The 5 Best Tips for Better Apartment Security

Moving into your first apartment can offer wonderful independence and privacy, but it means you’ll have less control over the security of your new space. Luckily, there are good options to enhance security for apartment dwellers.
Meghan Wentland Avatar
Apartment Security

Photo: depositphotos.com

We may earn revenue from the products available on this page and participate in affiliate programs. Learn More ›

Q: My new apartment is awesome on the inside, and I’m excited to be living on my own for the first time. I’m also a little nervous. The area seems nice—but I’m uncertain about how to make sure I’m safe. How can I maximize my new apartment’s security?

A: Congratulations! Moving into your first apartment is a big step; independence is great, plus you don’t have to clean up after other people or wait for someone to get out of the shower when you’re running late for work. Living alone does come with some drawbacks, however, especially for a first-time apartment renter who is nervous about safety. You’re not alone in your concern: Many first-time renters skip the search for “all apartments near me” and instead search for “safe apartments near me.” Luckily, there are several ways to secure your apartment so you can feel safe on your own, enjoy the solitude, and get a good (and peaceful) night’s sleep.

Protect your home and family with a top-notch security system. Vivint’s professionally installed systems don’t just alert you to threats—they help both prevent and deter them. See Vivint’s cameras and services

Assess your neighborhood and building.

First-time renters will ideally cruise around their prospective neighborhood before signing a lease to get an idea of the surrounding area. They’ll check on things like lighting, common gathering spots, and the general feel of the neighborhood. Sometimes that may not be possible, especially if they are moving to an unfamiliar location. But there’s still a lot to be learned by doing a careful assessment of the building even after the move-in date.

A stroll around the neighborhood during the day and after dark quickly reveals whether there are lots of people around and whether the area is clean and well maintained. It’s a good idea for renters to get a sense of the area early on so they can make good decisions about when they come and go, as well as the steps they might need to take to increase personal safety.

New renters will also want to give the building itself a good examination. They’ll want to check whether the building has a security system, since visible signs of security can deter criminals while indicating that the landlord or property manager takes safety seriously.

If the building has common hallways or areas, renters will want to take note of how well lit these areas are. They can check the parking area, front step and entryway, laundry room, trash disposal area, and any hallways or staircases. Renters will also want to look at the landscaping—if it is overgrown, it can provide a hiding place for intruders.

After the inspection, renters can bring any concerns to their landlord to ask for repairs or improvements. Good lighting and well-kept greenery go a long way toward making the building safer for everyone who lives in it.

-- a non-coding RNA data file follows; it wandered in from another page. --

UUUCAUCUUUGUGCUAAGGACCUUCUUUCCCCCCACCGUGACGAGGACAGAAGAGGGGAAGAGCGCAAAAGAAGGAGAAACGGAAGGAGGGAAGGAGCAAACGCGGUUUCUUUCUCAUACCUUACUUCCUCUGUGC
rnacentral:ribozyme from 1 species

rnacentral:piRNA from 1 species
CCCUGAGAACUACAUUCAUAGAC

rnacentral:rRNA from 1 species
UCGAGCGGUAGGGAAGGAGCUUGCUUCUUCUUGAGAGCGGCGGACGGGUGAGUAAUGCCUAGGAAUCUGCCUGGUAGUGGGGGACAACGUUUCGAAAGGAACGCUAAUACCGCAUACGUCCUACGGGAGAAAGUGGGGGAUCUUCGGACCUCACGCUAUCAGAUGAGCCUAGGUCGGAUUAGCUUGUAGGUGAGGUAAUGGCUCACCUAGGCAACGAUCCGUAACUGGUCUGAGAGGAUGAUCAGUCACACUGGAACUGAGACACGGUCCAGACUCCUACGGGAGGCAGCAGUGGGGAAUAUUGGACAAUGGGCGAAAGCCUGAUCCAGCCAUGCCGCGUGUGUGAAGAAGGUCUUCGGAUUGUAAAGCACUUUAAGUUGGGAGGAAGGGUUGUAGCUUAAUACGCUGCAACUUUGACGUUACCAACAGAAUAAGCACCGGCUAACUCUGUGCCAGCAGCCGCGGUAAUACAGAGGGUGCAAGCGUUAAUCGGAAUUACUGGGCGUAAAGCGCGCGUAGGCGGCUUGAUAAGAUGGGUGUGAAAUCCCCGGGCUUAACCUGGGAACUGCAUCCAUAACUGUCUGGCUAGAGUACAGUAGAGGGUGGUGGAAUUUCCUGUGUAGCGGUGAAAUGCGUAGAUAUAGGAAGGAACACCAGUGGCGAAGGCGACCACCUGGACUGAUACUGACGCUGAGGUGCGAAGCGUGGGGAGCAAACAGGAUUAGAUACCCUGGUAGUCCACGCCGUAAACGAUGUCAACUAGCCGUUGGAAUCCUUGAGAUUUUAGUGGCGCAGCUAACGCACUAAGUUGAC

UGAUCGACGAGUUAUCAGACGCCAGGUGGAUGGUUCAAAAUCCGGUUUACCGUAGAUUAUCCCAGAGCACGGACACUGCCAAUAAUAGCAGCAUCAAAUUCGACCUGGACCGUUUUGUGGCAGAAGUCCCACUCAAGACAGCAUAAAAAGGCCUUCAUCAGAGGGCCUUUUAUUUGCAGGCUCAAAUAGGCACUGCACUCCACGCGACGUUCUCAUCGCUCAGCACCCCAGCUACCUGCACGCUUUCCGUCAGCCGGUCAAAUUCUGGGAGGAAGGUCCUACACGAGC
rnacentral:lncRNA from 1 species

Another consideration for renters is to make sure they are safe while inside in case of an emergency. They will need to identify emergency exits and make sure they work so that they know they can get out quickly in case of emergency. Additionally, renters will want to check for the presence of smoke detectors, sprinklers, and carbon monoxide detectors. These elements need to be tested routinely to ensure they’re in good working order, so it’s a good idea for renters to ask their landlord how frequently this occurs. Some apartment buildings will post the date of the last maintenance right on the devices or near a common area.

Get to know your neighbors.

Renters generally don’t have a formal Neighborhood Watch program, but they do have neighbors who pay attention to what’s going on in the neighborhood. New tenants to the area will want to get to know their neighbors so they are familiar and known by name. That way, if a thief tries to steal an Amazon package or someone is messing around with their car, it’s more likely that neighbors will notice and step in to help or call the police. In addition, it’s good for renters to have some neighbors that they can call on if they need help, whether it’s for a cup of sugar to bake brownies or a safe space to go if they are worried that they’re unsafe.

There are many ways that new tenants can get to know their neighbors. Unless they live in a single apartment rather than a complex, they can strike up a conversation at the mailbox, say hi to neighbors while walking their dog, ask a neighbor for great restaurant recommendations, and so on. Once the new resident is known to a couple of people, it’s likely they’ll introduce them to other neighbors. If those options seem too forward or unnerving, a new renter can try turning to social media—some larger complexes have their own social media networks, and groups on larger social media sites such as Nextdoor and Facebook likely have area-specific pages.

Apartment Security
Photo: depositphotos.com

Assess your apartment’s door, locks, and windows.

Once a renter has officially moved into their new apartment, they’ll be in a position to control their security in a way that’s a little more concrete, and they can build a sanctuary that feels safe. The first step is to make the doors, locks, and windows as strong and safe as possible. As a renter, this can be tricky, because it’s unlikely that the landlord will replace the door and make it inconsistent with all the others in the building. But after inspecting the door, if the renter sees dents, splintered wood, or a lot of rust or pulling around the hinges, it’s a good idea for them to ask for a repair or replacement immediately. If the door isn’t structurally sound, the locks won’t be able to secure it, and it won’t be possible to achieve the proper apartment security level.